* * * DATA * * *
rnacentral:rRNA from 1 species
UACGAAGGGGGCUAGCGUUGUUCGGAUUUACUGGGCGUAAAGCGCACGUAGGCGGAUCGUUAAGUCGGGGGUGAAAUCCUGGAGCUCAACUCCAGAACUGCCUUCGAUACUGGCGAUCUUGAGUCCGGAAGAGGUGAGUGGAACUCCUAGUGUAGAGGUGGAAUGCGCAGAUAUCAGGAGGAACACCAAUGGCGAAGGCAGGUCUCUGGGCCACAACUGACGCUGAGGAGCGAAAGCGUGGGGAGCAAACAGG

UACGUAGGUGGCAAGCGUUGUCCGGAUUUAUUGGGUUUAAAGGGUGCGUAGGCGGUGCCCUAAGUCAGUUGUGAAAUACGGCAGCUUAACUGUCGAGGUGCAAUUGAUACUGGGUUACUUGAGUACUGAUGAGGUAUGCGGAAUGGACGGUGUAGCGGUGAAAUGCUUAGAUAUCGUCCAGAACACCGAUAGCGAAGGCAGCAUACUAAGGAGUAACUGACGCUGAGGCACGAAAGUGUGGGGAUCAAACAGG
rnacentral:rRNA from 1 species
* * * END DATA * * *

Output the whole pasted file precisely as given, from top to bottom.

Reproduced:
rnacentral:rRNA from 1 species
UACGAAGGGGGCUAGCGUUGUUCGGAUUUACUGGGCGUAAAGCGCACGUAGGCGGAUCGUUAAGUCGGGGGUGAAAUCCUGGAGCUCAACUCCAGAACUGCCUUCGAUACUGGCGAUCUUGAGUCCGGAAGAGGUGAGUGGAACUCCUAGUGUAGAGGUGGAAUGCGCAGAUAUCAGGAGGAACACCAAUGGCGAAGGCAGGUCUCUGGGCCACAACUGACGCUGAGGAGCGAAAGCGUGGGGAGCAAACAGG

UACGUAGGUGGCAAGCGUUGUCCGGAUUUAUUGGGUUUAAAGGGUGCGUAGGCGGUGCCCUAAGUCAGUUGUGAAAUACGGCAGCUUAACUGUCGAGGUGCAAUUGAUACUGGGUUACUUGAGUACUGAUGAGGUAUGCGGAAUGGACGGUGUAGCGGUGAAAUGCUUAGAUAUCGUCCAGAACACCGAUAGCGAAGGCAGCAUACUAAGGAGUAACUGACGCUGAGGCACGAAAGUGUGGGGAUCAAACAGG
rnacentral:rRNA from 1 species